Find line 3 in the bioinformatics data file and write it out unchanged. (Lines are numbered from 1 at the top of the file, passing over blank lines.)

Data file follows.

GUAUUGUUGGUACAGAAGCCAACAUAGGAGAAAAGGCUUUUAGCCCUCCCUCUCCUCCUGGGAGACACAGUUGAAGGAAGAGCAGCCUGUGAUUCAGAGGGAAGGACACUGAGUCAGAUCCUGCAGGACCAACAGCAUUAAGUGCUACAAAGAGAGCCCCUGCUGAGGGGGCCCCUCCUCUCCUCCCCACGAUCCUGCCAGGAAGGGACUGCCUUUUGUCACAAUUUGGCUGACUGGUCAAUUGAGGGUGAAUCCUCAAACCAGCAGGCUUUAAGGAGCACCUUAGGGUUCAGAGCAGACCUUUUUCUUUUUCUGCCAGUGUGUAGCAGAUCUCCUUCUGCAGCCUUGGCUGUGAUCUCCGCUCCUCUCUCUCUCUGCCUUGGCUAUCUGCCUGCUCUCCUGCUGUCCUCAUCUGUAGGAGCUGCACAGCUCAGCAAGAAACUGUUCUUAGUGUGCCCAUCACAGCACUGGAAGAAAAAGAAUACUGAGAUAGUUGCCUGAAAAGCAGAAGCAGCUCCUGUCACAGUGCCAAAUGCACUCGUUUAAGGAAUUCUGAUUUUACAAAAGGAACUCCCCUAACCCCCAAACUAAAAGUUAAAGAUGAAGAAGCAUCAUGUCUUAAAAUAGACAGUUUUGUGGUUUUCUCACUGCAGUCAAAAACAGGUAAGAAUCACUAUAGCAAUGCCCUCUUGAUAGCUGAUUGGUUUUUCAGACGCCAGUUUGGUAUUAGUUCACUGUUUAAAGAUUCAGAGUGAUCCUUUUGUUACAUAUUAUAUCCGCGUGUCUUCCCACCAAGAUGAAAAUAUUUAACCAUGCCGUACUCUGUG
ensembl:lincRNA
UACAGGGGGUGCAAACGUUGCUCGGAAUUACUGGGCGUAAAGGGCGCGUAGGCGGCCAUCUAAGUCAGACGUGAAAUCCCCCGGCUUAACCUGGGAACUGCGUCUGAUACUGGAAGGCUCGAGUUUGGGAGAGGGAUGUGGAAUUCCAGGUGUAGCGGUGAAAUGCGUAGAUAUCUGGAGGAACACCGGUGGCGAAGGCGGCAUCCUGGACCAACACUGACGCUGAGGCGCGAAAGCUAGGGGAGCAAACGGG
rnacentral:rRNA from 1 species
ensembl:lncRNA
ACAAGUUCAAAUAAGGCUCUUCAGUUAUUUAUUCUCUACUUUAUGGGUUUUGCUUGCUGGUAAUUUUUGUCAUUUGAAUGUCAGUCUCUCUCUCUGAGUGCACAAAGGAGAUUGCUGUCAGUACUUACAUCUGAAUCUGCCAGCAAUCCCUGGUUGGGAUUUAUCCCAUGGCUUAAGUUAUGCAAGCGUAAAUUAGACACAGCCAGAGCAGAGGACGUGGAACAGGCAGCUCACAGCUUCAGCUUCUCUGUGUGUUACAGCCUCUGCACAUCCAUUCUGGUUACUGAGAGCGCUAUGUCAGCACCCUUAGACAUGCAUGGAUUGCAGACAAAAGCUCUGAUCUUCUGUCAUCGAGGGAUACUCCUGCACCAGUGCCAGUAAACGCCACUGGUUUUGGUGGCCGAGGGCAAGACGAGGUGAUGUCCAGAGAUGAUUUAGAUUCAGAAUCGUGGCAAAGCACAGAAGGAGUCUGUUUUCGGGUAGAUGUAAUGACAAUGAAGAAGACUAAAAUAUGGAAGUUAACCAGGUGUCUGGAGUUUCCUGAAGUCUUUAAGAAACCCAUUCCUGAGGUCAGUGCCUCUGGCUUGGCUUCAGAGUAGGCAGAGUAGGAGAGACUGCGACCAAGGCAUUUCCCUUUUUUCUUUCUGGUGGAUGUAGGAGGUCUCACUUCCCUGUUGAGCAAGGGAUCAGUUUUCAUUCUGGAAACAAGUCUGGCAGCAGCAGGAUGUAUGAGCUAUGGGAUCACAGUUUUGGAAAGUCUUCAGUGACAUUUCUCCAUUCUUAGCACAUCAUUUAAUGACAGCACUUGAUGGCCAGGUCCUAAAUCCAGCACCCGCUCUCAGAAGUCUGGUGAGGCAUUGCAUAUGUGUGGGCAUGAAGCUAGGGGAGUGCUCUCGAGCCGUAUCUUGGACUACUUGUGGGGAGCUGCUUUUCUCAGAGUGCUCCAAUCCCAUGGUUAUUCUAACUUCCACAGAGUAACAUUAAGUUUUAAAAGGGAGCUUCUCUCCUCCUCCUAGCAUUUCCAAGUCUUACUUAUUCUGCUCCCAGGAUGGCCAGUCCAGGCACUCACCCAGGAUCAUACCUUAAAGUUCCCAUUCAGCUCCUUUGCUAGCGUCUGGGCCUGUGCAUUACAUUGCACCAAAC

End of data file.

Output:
UACAGGGGGUGCAAACGUUGCUCGGAAUUACUGGGCGUAAAGGGCGCGUAGGCGGCCAUCUAAGUCAGACGUGAAAUCCCCCGGCUUAACCUGGGAACUGCGUCUGAUACUGGAAGGCUCGAGUUUGGGAGAGGGAUGUGGAAUUCCAGGUGUAGCGGUGAAAUGCGUAGAUAUCUGGAGGAACACCGGUGGCGAAGGCGGCAUCCUGGACCAACACUGACGCUGAGGCGCGAAAGCUAGGGGAGCAAACGGG